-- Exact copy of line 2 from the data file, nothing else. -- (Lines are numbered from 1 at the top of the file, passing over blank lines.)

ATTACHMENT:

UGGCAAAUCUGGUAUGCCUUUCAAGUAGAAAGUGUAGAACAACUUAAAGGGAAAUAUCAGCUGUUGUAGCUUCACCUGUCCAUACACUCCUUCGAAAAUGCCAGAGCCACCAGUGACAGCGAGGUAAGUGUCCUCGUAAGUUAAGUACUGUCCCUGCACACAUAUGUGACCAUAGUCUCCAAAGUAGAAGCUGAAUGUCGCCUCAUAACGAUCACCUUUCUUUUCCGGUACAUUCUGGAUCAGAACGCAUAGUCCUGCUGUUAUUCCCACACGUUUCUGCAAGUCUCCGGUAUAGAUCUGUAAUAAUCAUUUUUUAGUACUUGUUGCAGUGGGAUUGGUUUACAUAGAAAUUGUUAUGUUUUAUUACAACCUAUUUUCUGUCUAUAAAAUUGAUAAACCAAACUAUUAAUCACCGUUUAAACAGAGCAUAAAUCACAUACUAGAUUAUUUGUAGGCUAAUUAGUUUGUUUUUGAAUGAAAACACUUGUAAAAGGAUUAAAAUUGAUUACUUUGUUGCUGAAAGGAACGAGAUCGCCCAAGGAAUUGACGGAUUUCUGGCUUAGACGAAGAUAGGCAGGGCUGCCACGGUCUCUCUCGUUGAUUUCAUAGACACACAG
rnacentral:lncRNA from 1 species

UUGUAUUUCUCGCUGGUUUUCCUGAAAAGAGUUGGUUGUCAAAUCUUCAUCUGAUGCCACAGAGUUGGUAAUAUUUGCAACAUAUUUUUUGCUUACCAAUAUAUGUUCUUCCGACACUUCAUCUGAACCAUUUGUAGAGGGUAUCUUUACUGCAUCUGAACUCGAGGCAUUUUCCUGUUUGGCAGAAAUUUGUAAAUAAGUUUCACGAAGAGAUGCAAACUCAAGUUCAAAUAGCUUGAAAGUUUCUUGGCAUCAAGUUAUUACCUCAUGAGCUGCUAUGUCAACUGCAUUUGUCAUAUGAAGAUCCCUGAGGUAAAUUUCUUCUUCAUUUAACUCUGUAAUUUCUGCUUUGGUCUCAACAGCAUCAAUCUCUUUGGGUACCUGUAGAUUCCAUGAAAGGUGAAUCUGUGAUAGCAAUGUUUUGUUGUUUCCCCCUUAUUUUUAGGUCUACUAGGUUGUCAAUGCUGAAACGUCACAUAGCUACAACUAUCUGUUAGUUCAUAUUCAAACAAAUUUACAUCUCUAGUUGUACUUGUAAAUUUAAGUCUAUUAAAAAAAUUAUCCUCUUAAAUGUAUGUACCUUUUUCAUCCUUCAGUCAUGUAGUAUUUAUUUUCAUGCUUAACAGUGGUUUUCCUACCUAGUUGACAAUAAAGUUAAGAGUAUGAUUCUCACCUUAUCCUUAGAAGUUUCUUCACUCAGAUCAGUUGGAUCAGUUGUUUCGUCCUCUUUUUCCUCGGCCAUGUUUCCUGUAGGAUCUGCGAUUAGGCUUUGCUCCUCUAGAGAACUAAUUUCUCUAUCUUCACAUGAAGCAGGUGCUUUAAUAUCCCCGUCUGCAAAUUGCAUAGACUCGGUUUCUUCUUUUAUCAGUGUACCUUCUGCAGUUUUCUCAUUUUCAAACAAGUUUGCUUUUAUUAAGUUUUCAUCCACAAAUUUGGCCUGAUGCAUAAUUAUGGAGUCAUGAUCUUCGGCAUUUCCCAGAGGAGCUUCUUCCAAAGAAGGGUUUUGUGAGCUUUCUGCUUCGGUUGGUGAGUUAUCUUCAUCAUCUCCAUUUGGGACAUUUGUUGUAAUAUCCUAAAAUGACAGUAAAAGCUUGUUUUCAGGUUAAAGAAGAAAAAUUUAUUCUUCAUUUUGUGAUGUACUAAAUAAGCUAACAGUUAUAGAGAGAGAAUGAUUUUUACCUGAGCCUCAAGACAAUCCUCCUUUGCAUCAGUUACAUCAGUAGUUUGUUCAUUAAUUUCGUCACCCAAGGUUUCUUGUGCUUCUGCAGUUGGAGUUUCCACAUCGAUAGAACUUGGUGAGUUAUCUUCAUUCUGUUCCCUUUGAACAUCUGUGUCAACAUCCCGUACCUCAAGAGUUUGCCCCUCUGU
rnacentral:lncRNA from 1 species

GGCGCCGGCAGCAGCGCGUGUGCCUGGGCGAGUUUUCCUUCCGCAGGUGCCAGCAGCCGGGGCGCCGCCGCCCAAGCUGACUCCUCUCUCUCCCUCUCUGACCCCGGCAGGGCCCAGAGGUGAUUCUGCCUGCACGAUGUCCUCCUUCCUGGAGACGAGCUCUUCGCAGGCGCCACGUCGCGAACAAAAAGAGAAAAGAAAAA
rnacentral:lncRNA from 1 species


rnacentral:lncRNA from 1 species